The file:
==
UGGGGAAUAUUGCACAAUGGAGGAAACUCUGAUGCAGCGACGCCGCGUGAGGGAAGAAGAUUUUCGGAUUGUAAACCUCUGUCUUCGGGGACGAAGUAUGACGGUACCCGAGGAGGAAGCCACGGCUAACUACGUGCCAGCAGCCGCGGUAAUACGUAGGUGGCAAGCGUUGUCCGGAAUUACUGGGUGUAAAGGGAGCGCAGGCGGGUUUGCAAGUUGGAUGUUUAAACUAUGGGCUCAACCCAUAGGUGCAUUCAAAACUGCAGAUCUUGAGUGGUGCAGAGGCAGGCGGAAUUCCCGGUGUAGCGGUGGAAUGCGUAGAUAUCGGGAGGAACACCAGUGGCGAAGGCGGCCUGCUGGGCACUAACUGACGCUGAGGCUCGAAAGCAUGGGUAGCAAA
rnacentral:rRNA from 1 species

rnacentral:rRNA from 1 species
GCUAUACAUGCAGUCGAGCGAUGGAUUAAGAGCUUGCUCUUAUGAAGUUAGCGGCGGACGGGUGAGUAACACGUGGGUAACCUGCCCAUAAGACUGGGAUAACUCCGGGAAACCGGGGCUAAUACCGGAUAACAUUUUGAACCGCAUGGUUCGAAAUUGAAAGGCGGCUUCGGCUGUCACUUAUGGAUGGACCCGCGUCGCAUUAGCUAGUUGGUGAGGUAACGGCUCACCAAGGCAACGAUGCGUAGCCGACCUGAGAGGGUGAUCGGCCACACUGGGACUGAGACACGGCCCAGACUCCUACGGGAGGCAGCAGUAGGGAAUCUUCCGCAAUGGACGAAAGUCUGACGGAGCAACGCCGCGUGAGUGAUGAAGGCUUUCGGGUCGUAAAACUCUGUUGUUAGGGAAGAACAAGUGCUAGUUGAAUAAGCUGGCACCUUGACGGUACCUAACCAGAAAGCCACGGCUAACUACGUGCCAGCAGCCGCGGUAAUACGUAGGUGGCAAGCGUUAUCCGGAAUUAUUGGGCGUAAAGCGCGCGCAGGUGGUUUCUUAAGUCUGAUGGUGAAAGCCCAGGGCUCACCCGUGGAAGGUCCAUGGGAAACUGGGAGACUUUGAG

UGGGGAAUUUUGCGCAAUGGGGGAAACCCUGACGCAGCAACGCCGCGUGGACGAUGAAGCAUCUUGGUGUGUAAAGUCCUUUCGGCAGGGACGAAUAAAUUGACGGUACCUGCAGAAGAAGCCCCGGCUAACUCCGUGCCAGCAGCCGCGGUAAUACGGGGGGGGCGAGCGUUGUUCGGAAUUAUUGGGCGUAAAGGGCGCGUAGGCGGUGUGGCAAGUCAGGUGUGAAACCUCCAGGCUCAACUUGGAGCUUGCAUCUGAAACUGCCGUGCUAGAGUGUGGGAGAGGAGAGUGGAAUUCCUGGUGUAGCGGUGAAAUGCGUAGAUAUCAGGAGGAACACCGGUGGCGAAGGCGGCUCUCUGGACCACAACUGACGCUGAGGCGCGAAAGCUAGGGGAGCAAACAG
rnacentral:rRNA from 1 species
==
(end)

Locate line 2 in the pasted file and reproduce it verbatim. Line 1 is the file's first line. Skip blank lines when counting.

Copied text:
rnacentral:rRNA from 1 species